- Today’s schedule: Anadarko vs. Clinton, 4:00 p.m.; Timberlake vs. Pioneer, 7:00 p.m.
- Saturday’s schedule: Davenport vs. Stroud, 11:00 a.m.; Tulsa Edison vs. Beggs, 2:00 p.m.; Union City vs. Moss, 5:00 p.m.
All games in the Majestic Roofing High School Baseball Series are free to the public.
“Baseball Saved Us”
Last night, before returning to catch the final two innings of Putnam North vs. Yukon, I was asked to be a part of “Math and Reading Night” at Little Axe Elementary in Norman, Oklahoma.
As unqualified as I am, I stuck to the reading side and read “Baseball Saved Us,” a Parents’ Choice Award-winning book by Ken Mochizuki.During World War II, Japanese-American families on the West Coast were moved to “War Relocation Camps” under the authority of the U.S. Army following the Japanese attack on Pearl Harbor. The United State Government said that they were afraid of Japanese loyalists in the United States, and moving everyone into camps secured the West Coast. None who were moved were found to be a threat. The U.S. did not formally apologize for these events until 1988, over 40 years after Japanese surrender. Japanese-Americans who were displaced and their heirs ultimately received over $1.6 billion in reparations.
“Baseball Saved Us” is told through the view of a Japanese-American kid during his family’s movement to desert camp. He describes the conditions as dry, hot during the day and cold at night, with frequent dust storms. They live in barracks and eat together in one room. When tensions rise in camp, the parents decide to build a baseball field to improve morale. Everyone works together for this goal, and the field is built under the constantly-watching guard in the tower, who was sporting mirror sunglasses and a high-powered rifle (similar to the “man with no eyes” in the movie “Cool Hand Luke“).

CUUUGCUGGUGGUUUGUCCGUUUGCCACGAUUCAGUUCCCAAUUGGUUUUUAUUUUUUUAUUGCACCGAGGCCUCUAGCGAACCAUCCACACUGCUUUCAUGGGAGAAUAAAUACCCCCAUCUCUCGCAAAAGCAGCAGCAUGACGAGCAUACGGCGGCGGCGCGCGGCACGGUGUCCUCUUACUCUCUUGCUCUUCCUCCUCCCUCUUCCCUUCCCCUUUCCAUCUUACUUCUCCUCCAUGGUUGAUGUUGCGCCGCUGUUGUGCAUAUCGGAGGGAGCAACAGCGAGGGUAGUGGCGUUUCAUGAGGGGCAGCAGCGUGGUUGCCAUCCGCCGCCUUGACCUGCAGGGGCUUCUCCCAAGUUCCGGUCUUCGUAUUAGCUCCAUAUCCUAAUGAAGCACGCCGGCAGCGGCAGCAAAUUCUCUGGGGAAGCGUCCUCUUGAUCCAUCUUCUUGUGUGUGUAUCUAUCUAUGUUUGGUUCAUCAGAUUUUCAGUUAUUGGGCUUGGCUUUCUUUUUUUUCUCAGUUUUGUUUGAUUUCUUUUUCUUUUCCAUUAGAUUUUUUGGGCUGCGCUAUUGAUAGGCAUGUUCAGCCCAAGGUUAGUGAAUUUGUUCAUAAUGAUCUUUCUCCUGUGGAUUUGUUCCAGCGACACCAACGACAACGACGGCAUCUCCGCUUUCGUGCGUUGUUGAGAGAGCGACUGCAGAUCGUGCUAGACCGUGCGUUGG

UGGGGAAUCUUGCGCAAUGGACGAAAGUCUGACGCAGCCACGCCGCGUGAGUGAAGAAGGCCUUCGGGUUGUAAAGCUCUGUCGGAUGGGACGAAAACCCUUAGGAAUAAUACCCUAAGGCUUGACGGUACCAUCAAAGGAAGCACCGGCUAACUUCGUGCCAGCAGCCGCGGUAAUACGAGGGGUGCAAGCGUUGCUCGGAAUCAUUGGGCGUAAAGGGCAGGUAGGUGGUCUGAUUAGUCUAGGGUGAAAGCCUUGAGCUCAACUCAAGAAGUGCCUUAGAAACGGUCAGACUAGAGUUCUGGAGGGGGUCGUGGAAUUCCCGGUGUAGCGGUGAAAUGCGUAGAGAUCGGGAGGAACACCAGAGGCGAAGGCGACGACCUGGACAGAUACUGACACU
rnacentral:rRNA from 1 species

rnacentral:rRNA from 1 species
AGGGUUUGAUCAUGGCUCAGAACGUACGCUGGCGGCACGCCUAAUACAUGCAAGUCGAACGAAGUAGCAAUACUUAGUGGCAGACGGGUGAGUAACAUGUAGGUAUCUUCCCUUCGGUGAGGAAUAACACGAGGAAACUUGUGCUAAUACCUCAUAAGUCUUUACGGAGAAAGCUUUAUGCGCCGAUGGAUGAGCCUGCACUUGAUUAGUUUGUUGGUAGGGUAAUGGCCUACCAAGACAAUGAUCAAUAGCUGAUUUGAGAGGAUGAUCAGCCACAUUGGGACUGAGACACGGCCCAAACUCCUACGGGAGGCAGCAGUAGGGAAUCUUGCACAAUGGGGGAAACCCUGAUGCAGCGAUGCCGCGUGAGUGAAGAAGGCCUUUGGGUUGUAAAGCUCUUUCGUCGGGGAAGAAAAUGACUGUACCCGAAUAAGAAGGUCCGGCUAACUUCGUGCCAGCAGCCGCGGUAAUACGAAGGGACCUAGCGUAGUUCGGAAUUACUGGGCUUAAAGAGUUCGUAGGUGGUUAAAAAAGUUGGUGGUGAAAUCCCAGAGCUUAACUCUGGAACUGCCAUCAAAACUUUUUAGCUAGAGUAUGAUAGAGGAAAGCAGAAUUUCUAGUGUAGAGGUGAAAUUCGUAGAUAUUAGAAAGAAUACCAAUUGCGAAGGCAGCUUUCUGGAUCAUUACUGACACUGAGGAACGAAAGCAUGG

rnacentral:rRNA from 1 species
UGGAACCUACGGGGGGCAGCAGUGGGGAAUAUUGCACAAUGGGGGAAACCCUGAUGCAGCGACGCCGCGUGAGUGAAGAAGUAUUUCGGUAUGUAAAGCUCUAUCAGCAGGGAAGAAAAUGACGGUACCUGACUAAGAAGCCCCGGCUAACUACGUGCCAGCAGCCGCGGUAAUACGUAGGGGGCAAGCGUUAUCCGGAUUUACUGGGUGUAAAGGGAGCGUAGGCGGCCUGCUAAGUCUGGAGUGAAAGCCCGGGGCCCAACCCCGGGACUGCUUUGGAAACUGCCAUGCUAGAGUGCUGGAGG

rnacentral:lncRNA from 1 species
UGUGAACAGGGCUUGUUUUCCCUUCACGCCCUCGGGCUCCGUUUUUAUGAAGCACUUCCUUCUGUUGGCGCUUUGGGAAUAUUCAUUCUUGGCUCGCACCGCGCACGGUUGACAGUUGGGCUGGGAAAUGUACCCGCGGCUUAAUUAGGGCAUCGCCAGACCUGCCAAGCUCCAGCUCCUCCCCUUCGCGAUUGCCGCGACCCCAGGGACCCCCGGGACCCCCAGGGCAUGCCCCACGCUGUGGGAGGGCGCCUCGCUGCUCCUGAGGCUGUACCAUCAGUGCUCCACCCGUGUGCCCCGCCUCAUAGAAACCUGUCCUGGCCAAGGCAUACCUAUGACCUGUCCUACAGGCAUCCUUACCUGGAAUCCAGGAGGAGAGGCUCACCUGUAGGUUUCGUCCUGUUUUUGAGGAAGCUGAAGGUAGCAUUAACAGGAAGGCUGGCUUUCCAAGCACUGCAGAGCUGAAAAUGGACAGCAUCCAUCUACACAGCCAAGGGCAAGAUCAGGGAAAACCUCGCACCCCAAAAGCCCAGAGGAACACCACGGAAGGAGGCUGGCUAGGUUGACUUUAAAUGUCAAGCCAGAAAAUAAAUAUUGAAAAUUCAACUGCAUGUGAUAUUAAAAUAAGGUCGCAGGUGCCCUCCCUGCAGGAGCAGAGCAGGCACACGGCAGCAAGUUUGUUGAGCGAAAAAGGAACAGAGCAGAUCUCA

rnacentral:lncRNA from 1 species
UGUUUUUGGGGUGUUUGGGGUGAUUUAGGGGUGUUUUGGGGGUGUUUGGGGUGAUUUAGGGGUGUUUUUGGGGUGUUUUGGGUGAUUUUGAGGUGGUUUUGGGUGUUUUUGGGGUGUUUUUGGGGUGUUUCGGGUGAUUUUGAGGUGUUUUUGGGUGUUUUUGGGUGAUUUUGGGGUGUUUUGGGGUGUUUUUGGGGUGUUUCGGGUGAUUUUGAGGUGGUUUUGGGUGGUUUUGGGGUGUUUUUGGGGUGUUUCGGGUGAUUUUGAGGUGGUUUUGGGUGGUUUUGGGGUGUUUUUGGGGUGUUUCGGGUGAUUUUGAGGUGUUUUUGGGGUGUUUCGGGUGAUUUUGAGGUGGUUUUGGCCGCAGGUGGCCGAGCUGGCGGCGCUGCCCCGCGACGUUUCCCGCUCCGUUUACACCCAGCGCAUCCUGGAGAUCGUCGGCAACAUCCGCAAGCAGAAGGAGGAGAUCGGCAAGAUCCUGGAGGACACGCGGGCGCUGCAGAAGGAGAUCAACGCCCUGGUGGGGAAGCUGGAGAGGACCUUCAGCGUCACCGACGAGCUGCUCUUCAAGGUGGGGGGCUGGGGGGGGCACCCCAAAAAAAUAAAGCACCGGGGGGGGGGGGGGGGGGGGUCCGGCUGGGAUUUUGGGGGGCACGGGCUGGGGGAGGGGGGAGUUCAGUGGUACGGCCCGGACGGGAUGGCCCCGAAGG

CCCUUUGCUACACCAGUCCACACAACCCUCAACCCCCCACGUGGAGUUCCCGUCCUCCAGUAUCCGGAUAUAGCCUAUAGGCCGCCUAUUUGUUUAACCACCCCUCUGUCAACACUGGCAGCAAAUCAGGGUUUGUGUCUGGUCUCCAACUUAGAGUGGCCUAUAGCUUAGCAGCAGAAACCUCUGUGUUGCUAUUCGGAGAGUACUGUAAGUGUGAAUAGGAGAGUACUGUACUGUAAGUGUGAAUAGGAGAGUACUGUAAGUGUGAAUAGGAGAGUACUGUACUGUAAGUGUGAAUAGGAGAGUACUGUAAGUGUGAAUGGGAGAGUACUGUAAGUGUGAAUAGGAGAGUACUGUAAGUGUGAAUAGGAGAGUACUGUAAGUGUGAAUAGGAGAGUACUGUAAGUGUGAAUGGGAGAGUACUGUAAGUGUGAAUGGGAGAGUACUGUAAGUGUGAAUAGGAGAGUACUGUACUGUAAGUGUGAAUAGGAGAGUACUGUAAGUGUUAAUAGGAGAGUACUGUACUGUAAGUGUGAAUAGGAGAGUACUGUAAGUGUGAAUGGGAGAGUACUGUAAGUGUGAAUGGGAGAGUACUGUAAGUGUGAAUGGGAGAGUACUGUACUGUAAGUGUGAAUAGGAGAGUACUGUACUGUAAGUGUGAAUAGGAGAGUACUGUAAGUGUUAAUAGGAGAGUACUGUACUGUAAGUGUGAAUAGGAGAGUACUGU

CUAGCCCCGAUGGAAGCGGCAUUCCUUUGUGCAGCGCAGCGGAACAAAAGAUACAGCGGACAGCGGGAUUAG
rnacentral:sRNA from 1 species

The kid is a little fella, and at first struggles to succeed on the diamond. As time moves along, he improves and ends up hitting an inside the park home run to win the camp’s championship game. The guard in the guard tower even softens to the moment and gives a thumbs-up sign after he won the game.
If an inside the park home run cannot soften the steel gaze of the armed guard then nothing will. Remember Jose Altuve’s inside the park home run for Houston last year? After all, watching a little guy run all the way around the bases and beat a play at home is easily the most exciting play in baseball.